Johnson, the seven-time NASCAR Cup Series Champion, hosted 120 golfers and 250 dinner guests at Quail Hollow Club in Charlotte, North Carolina for Monday’s event. During the event, the Johnsons announced the schools that are recipients of the 2017 Champions Grant, which totals $508,339 this year. Mecklenburg and Cabarrus County schools receiving grants were surprised with the announcement at the dinner. 


North Carolina Recipients:

● Allenbrook Elementary School

Beverly Hills STEM Elementary School

● Jay M. Robinson High School

● Metro School

● Sedgefield Middle School

● W.R. Odell Primary School

● West Charlotte High School

● Westerly Hills Academy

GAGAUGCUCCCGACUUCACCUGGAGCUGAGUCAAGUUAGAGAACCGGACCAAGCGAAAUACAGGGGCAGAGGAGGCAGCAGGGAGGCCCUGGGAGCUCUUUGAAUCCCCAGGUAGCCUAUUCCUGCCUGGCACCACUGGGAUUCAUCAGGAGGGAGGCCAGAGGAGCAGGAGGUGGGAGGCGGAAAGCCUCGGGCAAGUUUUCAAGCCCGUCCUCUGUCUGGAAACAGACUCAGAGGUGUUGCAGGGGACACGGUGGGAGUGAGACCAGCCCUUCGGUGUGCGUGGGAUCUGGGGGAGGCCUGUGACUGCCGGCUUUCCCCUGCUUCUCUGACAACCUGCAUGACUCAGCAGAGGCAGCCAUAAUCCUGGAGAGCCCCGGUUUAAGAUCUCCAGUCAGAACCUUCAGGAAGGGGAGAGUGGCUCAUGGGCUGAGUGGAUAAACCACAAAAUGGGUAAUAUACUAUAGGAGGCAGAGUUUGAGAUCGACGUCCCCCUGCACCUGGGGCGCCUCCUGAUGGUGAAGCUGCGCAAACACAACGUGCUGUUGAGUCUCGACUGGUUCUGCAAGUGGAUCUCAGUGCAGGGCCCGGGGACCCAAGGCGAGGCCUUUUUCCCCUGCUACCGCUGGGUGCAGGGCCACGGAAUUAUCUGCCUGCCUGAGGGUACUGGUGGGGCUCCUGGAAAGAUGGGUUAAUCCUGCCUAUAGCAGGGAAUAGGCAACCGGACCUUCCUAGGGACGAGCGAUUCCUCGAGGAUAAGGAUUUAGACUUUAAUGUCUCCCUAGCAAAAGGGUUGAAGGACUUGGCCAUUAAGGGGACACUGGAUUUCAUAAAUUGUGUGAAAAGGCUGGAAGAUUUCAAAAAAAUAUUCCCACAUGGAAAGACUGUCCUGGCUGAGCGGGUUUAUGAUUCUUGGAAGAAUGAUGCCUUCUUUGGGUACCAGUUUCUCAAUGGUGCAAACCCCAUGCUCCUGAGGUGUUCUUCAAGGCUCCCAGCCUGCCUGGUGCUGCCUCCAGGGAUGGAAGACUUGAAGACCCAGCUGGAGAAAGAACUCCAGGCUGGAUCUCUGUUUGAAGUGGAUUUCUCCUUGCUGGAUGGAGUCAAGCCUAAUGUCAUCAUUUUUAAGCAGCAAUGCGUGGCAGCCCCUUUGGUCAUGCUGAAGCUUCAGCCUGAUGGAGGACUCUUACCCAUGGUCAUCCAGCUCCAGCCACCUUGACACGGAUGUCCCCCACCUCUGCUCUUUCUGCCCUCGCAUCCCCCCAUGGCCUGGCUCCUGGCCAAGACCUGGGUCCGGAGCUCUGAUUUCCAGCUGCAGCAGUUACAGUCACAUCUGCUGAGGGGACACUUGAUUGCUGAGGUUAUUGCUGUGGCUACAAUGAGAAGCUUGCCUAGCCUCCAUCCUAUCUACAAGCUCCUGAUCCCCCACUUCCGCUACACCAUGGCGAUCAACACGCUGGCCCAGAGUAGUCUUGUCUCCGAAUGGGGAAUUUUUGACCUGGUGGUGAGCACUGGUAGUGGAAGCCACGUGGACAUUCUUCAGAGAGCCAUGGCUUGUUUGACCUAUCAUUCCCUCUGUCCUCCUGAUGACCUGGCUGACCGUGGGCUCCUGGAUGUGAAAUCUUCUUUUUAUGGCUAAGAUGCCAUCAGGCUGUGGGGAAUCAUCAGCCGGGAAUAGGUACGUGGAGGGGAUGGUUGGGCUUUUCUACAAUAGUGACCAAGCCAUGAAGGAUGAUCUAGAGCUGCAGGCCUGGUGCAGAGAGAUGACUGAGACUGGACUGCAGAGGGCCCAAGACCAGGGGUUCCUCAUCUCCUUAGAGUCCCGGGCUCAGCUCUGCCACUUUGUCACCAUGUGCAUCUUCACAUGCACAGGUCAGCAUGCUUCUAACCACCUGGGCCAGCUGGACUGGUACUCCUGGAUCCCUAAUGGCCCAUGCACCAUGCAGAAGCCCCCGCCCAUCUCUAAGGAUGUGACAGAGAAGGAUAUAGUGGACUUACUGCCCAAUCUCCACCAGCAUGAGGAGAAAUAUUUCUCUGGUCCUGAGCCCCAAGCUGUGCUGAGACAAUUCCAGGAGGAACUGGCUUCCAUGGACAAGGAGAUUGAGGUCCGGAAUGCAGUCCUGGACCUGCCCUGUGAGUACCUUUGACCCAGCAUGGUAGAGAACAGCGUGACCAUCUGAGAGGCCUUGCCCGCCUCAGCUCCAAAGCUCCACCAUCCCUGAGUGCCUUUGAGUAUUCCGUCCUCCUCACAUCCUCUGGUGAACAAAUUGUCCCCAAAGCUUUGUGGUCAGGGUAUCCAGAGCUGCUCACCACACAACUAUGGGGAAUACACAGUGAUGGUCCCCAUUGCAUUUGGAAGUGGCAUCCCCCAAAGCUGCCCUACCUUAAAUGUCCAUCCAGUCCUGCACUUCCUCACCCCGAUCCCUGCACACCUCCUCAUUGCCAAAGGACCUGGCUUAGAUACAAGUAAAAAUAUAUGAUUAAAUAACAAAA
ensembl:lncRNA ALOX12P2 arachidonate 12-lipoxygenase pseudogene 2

In addition, the following schools in the Johnson’s hometowns will receive Champions Grants this year:


California Recipients:

● Albert Einstein Academy Charter School

● El Capitan High School

● Valhalla High School

● Wegeforth Elementary School



● Muskogee High School


For more information, visit


Jimmie Johnson Foundation PR

Tickets to the 2018 NASCAR Hall of Fame Induction Ceremony are now on sale to the public. Red Byron, Ray Evernham, Ron Hornaday Jr., Ken Squier and Robert Yates will be honored during this year’s ceremony set for Friday, Jan. 19, 2018. Induction ticket prices range from $45 for general seats to $350 for the Exclusive Driver Dinner Package (plus tax and applicable service fees).

Drivers, celebrities and legends of the sport will take the stage during this premier celebration that will honor the ninth class of the NASCAR Hall of Fame. This historic class is filled with a mix of legends including championship-winning drivers, crew chiefs and engine builders to a legendary voice of NASCAR who brought the sport to the world through broadcasting.